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Green tax shift

A green tax shift is a fiscal policy which lowers the taxes on income including wages and profit, and raises taxes on consumption, particularly on the consumption of non-renewable or unsustainable consumption. Examples of taxes to be lowered are:

Payroll and income taxes.

Examples of taxes to be implimented or increased:

carbon taxes[?] on the use of fossil fuels. Royalties on the extraction of mineral, energy, and forestry products Licence fees for fishing and hunting Specific taxes on technologies and products which are associated with substantial negative externalities. Garbage disposal taxes Taxes on effluents, emissions and hazardous wastes.

Tax shifting may include balancing taxation levels to be revenue neutral for government, industry or cinsumer groups.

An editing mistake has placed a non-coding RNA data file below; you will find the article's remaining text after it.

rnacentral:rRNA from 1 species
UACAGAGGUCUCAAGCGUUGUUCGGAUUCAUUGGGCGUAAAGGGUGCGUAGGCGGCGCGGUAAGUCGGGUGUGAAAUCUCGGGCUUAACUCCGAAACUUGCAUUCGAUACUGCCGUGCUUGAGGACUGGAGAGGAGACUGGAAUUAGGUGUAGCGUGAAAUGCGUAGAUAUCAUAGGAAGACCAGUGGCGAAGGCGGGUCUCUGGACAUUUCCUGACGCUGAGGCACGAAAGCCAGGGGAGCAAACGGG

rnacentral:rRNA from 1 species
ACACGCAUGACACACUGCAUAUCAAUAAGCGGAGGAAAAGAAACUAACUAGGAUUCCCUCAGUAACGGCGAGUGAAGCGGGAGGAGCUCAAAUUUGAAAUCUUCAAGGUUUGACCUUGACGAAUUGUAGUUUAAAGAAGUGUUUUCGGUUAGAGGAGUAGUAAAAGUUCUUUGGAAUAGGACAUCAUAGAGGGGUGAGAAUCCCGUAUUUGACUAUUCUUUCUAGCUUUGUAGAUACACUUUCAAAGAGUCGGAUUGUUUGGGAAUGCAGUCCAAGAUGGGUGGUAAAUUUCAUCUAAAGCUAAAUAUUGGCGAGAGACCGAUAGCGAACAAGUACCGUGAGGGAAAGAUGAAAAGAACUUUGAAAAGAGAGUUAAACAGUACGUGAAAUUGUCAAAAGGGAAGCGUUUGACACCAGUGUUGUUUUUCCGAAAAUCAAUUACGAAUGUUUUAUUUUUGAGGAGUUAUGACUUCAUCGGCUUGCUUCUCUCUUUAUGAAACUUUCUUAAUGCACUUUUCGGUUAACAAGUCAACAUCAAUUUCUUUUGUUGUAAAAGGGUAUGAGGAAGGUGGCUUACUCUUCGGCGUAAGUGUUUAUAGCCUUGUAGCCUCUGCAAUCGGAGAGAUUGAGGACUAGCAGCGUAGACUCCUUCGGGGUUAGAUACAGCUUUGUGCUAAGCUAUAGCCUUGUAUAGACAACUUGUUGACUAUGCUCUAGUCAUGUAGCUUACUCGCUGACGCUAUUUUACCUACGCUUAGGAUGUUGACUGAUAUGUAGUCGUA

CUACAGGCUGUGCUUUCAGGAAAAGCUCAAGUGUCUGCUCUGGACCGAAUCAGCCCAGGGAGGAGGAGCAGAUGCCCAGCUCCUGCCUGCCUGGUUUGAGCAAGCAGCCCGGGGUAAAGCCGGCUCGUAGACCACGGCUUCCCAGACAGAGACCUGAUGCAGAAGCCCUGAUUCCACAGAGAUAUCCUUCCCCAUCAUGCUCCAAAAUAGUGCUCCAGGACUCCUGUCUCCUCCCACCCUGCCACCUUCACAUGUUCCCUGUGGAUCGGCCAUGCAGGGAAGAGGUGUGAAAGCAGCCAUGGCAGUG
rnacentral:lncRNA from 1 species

Taxes on consumtion may take the feebate[?] approach advocated by Lovins in which additional fees on less sustainable products - such as SUV's - are pooled to fund rebates on more sustainable alternatives - such as hybrid electric vehicles.

The object of a green tax shift is often to impliment a "full cost accounting", using fiscal policy to internalize market distorting externalities, which leads to higher efficiency, and sustainable wealth creation.



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